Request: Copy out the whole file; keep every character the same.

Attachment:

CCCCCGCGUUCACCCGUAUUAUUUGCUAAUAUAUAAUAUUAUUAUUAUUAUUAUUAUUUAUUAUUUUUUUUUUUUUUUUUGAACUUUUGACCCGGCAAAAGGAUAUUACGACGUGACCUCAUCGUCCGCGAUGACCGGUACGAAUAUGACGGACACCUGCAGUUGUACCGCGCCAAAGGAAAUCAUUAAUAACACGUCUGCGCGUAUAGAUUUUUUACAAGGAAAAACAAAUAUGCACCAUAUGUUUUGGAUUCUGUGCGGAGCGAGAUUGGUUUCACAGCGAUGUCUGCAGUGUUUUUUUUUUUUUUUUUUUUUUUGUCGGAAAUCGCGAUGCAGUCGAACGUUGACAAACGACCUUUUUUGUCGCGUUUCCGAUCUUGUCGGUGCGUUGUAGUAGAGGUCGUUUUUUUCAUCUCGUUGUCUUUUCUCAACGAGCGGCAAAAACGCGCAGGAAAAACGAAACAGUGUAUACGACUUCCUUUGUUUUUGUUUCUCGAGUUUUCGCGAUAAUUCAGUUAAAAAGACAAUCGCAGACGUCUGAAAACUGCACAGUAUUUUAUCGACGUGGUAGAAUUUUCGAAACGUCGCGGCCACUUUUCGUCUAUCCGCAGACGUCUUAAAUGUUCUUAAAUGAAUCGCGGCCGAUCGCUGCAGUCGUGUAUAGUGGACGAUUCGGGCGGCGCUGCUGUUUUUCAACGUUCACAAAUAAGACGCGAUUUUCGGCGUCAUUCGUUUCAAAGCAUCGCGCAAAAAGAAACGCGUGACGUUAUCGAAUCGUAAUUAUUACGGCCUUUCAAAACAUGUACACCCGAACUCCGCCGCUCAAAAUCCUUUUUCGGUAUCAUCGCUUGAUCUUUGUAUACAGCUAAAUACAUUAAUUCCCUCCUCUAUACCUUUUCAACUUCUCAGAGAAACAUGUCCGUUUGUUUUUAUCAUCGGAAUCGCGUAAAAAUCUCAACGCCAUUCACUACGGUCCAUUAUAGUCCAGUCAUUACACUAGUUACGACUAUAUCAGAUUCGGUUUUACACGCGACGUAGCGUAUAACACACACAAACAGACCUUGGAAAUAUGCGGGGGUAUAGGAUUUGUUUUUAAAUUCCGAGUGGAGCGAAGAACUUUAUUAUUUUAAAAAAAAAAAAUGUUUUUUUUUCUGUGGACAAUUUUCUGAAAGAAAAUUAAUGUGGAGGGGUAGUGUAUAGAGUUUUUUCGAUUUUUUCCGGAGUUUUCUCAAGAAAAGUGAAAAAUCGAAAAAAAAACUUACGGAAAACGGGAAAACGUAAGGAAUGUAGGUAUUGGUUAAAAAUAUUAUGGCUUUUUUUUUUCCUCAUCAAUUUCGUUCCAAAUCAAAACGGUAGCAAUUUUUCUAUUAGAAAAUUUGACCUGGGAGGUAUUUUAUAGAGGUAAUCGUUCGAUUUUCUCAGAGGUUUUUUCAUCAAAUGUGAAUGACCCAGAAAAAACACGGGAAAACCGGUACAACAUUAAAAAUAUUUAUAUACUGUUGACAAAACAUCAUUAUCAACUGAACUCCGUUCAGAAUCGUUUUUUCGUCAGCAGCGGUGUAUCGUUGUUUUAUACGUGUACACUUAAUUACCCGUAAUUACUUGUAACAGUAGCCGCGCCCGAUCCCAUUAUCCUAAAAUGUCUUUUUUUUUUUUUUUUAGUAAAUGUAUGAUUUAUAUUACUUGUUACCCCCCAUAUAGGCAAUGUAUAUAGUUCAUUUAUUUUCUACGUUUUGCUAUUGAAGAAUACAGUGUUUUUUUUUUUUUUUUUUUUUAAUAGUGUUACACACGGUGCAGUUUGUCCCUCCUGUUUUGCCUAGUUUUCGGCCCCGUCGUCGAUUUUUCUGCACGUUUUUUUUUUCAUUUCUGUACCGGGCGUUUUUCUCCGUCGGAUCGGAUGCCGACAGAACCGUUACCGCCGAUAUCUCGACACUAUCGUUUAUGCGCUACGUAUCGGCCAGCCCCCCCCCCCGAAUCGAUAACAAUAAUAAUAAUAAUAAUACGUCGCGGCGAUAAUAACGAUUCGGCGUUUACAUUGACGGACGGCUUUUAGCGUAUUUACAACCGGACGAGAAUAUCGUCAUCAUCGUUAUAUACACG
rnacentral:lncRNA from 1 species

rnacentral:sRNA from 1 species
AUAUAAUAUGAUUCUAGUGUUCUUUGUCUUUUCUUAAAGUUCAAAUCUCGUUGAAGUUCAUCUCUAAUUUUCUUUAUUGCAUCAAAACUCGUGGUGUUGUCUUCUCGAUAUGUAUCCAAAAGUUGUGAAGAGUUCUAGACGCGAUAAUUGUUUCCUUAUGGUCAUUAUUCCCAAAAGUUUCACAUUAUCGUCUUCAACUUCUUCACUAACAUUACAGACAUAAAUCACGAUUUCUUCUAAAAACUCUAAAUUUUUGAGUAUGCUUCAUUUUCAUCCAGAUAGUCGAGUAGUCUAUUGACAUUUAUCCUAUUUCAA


CCCCCGCGUUCACCCGUAUUAUUUGCUAAUAUAUAAUAUUAUUAUUAUUAUUAUUAUUUAUUAUUUUUUUUUUUUUUUUUGAACUUUUGACCCGGCAAAAGGAUAUUACGACGUGACCUCAUCGUCCGCGAUGACCGGUACGAAUAUGACGGACACCUGCAGUUGUACCGCGCCAAAGGAAAUCAUUAAUAACACGUCUGCGCGUAUAGAUUUUUUACAAGGAAAAACAAAUAUGCACCAUAUGUUUUGGAUUCUGUGCGGAGCGAGAUUGGUUUCACAGCGAUGUCUGCAGUGUUUUUUUUUUUUUUUUUUUUUUUGUCGGAAAUCGCGAUGCAGUCGAACGUUGACAAACGACCUUUUUUGUCGCGUUUCCGAUCUUGUCGGUGCGUUGUAGUAGAGGUCGUUUUUUUCAUCUCGUUGUCUUUUCUCAACGAGCGGCAAAAACGCGCAGGAAAAACGAAACAGUGUAUACGACUUCCUUUGUUUUUGUUUCUCGAGUUUUCGCGAUAAUUCAGUUAAAAAGACAAUCGCAGACGUCUGAAAACUGCACAGUAUUUUAUCGACGUGGUAGAAUUUUCGAAACGUCGCGGCCACUUUUCGUCUAUCCGCAGACGUCUUAAAUGUUCUUAAAUGAAUCGCGGCCGAUCGCUGCAGUCGUGUAUAGUGGACGAUUCGGGCGGCGCUGCUGUUUUUCAACGUUCACAAAUAAGACGCGAUUUUCGGCGUCAUUCGUUUCAAAGCAUCGCGCAAAAAGAAACGCGUGACGUUAUCGAAUCGUAAUUAUUACGGCCUUUCAAAACAUGUACACCCGAACUCCGCCGCUCAAAAUCCUUUUUCGGUAUCAUCGCUUGAUCUUUGUAUACAGCUAAAUACAUUAAUUCCCUCCUCUAUACCUUUUCAACUUCUCAGAGAAACAUGUCCGUUUGUUUUUAUCAUCGGAAUCGCGUAAAAAUCUCAACGCCAUUCACUACGGUCCAUUAUAGUCCAGUCAUUACACUAGUUACGACUAUAUCAGAUUCGGUUUUACACGCGACGUAGCGUAUAACACACACAAACAGACCUUGGAAAUAUGCGGGGGUAUAGGAUUUGUUUUUAAAUUCCGAGUGGAGCGAAGAACUUUAUUAUUUUAAAAAAAAAAAAUGUUUUUUUUUCUGUGGACAAUUUUCUGAAAGAAAAUUAAUGUGGAGGGGUAGUGUAUAGAGUUUUUUCGAUUUUUUCCGGAGUUUUCUCAAGAAAAGUGAAAAAUCGAAAAAAAAACUUACGGAAAACGGGAAAACGUAAGGAAUGUAGGUAUUGGUUAAAAAUAUUAUGGCUUUUUUUUUUCCUCAUCAAUUUCGUUCCAAAUCAAAACGGUAGCAAUUUUUCUAUUAGAAAAUUUGACCUGGGAGGUAUUUUAUAGAGGUAAUCGUUCGAUUUUCUCAGAGGUUUUUUCAUCAAAUGUGAAUGACCCAGAAAAAACACGGGAAAACCGGUACAACAUUAAAAAUAUUUAUAUACUGUUGACAAAACAUCAUUAUCAACUGAACUCCGUUCAGAAUCGUUUUUUCGUCAGCAGCGGUGUAUCGUUGUUUUAUACGUGUACACUUAAUUACCCGUAAUUACUUGUAACAGUAGCCGCGCCCGAUCCCAUUAUCCUAAAAUGUCUUUUUUUUUUUUUUUUAGUAAAUGUAUGAUUUAUAUUACUUGUUACCCCCCAUAUAGGCAAUGUAUAUAGUUCAUUUAUUUUCUACGUUUUGCUAUUGAAGAAUACAGUGUUUUUUUUUUUUUUUUUUUUUAAUAGUGUUACACACGGUGCAGUUUGUCCCUCCUGUUUUGCCUAGUUUUCGGCCCCGUCGUCGAUUUUUCUGCACGUUUUUUUUUUCAUUUCUGUACCGGGCGUUUUUCUCCGUCGGAUCGGAUGCCGACAGAACCGUUACCGCCGAUAUCUCGACACUAUCGUUUAUGCGCUACGUAUCGGCCAGCCCCCCCCCCCGAAUCGAUAACAAUAAUAAUAAUAAUAAUACGUCGCGGCGAUAAUAACGAUUCGGCGUUUACAUUGACGGACGGCUUUUAGCGUAUUUACAACCGGACGAGAAUAUCGUCAUCAUCGUUAUAUACACG
rnacentral:lncRNA from 1 species

rnacentral:sRNA from 1 species
AUAUAAUAUGAUUCUAGUGUUCUUUGUCUUUUCUUAAAGUUCAAAUCUCGUUGAAGUUCAUCUCUAAUUUUCUUUAUUGCAUCAAAACUCGUGGUGUUGUCUUCUCGAUAUGUAUCCAAAAGUUGUGAAGAGUUCUAGACGCGAUAAUUGUUUCCUUAUGGUCAUUAUUCCCAAAAGUUUCACAUUAUCGUCUUCAACUUCUUCACUAACAUUACAGACAUAAAUCACGAUUUCUUCUAAAAACUCUAAAUUUUUGAGUAUGCUUCAUUUUCAUCCAGAUAGUCGAGUAGUCUAUUGACAUUUAUCCUAUUUCAA